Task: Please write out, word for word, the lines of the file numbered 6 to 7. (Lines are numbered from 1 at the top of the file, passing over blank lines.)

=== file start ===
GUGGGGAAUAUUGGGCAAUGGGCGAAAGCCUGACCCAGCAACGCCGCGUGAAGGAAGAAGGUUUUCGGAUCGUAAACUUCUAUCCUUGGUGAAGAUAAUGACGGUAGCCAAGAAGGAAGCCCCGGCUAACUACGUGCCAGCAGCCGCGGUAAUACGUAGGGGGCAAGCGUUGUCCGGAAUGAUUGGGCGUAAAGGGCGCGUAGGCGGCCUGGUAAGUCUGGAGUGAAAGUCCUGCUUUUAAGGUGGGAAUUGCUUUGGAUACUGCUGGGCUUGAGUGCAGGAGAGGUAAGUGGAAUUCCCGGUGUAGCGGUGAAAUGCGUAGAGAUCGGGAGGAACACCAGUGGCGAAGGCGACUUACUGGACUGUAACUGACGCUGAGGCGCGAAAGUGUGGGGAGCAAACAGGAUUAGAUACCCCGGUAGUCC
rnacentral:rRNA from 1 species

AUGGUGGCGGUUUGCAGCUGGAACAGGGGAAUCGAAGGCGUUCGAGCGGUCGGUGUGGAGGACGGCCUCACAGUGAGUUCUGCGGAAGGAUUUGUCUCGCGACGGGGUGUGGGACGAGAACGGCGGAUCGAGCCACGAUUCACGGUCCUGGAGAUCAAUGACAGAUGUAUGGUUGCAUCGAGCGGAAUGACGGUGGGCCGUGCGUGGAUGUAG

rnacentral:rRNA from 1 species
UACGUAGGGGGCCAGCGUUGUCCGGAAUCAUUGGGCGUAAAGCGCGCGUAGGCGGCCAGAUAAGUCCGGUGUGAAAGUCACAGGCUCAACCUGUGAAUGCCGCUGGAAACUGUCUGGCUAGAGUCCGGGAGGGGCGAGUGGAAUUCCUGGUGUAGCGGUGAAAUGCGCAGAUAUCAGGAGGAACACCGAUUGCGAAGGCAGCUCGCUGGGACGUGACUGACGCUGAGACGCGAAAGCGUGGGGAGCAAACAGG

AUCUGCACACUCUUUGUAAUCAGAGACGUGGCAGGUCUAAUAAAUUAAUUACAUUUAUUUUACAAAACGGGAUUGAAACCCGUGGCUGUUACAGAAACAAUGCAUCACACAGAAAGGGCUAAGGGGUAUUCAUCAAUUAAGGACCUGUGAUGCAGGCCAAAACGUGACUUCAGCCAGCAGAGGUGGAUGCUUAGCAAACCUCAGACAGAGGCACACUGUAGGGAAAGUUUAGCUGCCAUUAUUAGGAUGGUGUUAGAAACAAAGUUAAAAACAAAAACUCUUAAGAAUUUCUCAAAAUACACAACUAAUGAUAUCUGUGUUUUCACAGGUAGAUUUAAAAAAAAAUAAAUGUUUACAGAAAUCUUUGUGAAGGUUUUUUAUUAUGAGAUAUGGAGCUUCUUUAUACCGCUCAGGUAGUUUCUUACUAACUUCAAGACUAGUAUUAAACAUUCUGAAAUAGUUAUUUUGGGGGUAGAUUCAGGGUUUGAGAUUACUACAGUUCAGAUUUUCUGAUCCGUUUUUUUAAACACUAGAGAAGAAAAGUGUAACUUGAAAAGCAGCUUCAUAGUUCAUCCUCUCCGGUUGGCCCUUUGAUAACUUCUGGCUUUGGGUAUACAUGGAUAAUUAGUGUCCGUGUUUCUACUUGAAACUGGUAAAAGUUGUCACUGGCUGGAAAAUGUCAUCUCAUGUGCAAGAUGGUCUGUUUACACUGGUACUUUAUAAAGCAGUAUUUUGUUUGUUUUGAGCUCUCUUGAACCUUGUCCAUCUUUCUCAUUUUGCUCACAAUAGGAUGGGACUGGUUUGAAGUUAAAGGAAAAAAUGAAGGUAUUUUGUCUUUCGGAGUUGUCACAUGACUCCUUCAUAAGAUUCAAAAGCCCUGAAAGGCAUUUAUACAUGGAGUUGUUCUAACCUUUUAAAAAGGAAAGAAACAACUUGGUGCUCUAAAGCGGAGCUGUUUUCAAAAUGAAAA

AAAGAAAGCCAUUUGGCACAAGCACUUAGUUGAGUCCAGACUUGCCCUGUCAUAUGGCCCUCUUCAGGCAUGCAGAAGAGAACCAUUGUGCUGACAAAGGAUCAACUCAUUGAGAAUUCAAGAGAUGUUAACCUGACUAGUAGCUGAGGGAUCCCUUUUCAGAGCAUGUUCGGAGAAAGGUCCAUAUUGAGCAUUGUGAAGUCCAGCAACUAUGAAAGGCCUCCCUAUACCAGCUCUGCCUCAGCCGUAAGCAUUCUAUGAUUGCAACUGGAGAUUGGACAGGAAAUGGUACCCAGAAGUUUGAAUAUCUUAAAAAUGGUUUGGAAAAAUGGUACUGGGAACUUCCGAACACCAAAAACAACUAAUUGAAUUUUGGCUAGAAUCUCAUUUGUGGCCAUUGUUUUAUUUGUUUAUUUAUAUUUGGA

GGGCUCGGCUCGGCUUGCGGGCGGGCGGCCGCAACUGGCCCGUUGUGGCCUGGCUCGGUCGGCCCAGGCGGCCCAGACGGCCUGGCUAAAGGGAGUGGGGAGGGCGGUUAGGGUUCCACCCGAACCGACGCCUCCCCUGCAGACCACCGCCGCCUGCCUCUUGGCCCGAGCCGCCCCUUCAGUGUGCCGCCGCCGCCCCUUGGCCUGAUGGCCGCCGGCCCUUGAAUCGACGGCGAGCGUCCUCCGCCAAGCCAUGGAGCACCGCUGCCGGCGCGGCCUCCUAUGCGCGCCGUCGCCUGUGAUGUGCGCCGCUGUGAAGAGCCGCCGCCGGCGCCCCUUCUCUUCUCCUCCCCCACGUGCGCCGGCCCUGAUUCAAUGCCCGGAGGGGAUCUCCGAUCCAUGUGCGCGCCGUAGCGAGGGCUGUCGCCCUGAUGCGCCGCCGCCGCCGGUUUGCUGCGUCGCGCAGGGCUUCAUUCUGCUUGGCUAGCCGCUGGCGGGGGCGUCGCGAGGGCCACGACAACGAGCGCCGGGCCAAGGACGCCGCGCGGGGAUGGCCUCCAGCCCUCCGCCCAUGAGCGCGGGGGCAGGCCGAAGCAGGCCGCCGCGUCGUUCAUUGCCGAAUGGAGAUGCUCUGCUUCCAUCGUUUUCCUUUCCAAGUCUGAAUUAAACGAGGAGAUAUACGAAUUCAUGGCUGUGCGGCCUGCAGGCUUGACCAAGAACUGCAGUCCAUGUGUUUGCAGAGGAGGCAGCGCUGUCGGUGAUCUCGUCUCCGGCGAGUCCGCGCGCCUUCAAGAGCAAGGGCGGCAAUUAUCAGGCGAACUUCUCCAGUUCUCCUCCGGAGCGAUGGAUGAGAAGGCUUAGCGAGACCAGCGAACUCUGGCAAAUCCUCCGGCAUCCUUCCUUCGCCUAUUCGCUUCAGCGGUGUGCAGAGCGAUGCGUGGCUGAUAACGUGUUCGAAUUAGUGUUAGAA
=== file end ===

AUCUGCACACUCUUUGUAAUCAGAGACGUGGCAGGUCUAAUAAAUUAAUUACAUUUAUUUUACAAAACGGGAUUGAAACCCGUGGCUGUUACAGAAACAAUGCAUCACACAGAAAGGGCUAAGGGGUAUUCAUCAAUUAAGGACCUGUGAUGCAGGCCAAAACGUGACUUCAGCCAGCAGAGGUGGAUGCUUAGCAAACCUCAGACAGAGGCACACUGUAGGGAAAGUUUAGCUGCCAUUAUUAGGAUGGUGUUAGAAACAAAGUUAAAAACAAAAACUCUUAAGAAUUUCUCAAAAUACACAACUAAUGAUAUCUGUGUUUUCACAGGUAGAUUUAAAAAAAAAUAAAUGUUUACAGAAAUCUUUGUGAAGGUUUUUUAUUAUGAGAUAUGGAGCUUCUUUAUACCGCUCAGGUAGUUUCUUACUAACUUCAAGACUAGUAUUAAACAUUCUGAAAUAGUUAUUUUGGGGGUAGAUUCAGGGUUUGAGAUUACUACAGUUCAGAUUUUCUGAUCCGUUUUUUUAAACACUAGAGAAGAAAAGUGUAACUUGAAAAGCAGCUUCAUAGUUCAUCCUCUCCGGUUGGCCCUUUGAUAACUUCUGGCUUUGGGUAUACAUGGAUAAUUAGUGUCCGUGUUUCUACUUGAAACUGGUAAAAGUUGUCACUGGCUGGAAAAUGUCAUCUCAUGUGCAAGAUGGUCUGUUUACACUGGUACUUUAUAAAGCAGUAUUUUGUUUGUUUUGAGCUCUCUUGAACCUUGUCCAUCUUUCUCAUUUUGCUCACAAUAGGAUGGGACUGGUUUGAAGUUAAAGGAAAAAAUGAAGGUAUUUUGUCUUUCGGAGUUGUCACAUGACUCCUUCAUAAGAUUCAAAAGCCCUGAAAGGCAUUUAUACAUGGAGUUGUUCUAACCUUUUAAAAAGGAAAGAAACAACUUGGUGCUCUAAAGCGGAGCUGUUUUCAAAAUGAAAA

AAAGAAAGCCAUUUGGCACAAGCACUUAGUUGAGUCCAGACUUGCCCUGUCAUAUGGCCCUCUUCAGGCAUGCAGAAGAGAACCAUUGUGCUGACAAAGGAUCAACUCAUUGAGAAUUCAAGAGAUGUUAACCUGACUAGUAGCUGAGGGAUCCCUUUUCAGAGCAUGUUCGGAGAAAGGUCCAUAUUGAGCAUUGUGAAGUCCAGCAACUAUGAAAGGCCUCCCUAUACCAGCUCUGCCUCAGCCGUAAGCAUUCUAUGAUUGCAACUGGAGAUUGGACAGGAAAUGGUACCCAGAAGUUUGAAUAUCUUAAAAAUGGUUUGGAAAAAUGGUACUGGGAACUUCCGAACACCAAAAACAACUAAUUGAAUUUUGGCUAGAAUCUCAUUUGUGGCCAUUGUUUUAUUUGUUUAUUUAUAUUUGGA